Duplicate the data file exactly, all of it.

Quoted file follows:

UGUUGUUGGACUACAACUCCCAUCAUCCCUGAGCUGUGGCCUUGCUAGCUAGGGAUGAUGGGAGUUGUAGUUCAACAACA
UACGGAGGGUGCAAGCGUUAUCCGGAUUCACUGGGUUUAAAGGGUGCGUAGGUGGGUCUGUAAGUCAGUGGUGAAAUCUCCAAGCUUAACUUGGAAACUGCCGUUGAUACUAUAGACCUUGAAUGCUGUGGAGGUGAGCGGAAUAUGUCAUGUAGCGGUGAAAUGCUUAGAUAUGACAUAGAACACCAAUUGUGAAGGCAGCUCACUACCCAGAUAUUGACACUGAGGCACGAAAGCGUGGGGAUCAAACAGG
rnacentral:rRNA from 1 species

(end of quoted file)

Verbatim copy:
UGUUGUUGGACUACAACUCCCAUCAUCCCUGAGCUGUGGCCUUGCUAGCUAGGGAUGAUGGGAGUUGUAGUUCAACAACA
UACGGAGGGUGCAAGCGUUAUCCGGAUUCACUGGGUUUAAAGGGUGCGUAGGUGGGUCUGUAAGUCAGUGGUGAAAUCUCCAAGCUUAACUUGGAAACUGCCGUUGAUACUAUAGACCUUGAAUGCUGUGGAGGUGAGCGGAAUAUGUCAUGUAGCGGUGAAAUGCUUAGAUAUGACAUAGAACACCAAUUGUGAAGGCAGCUCACUACCCAGAUAUUGACACUGAGGCACGAAAGCGUGGGGAUCAAACAGG
rnacentral:rRNA from 1 species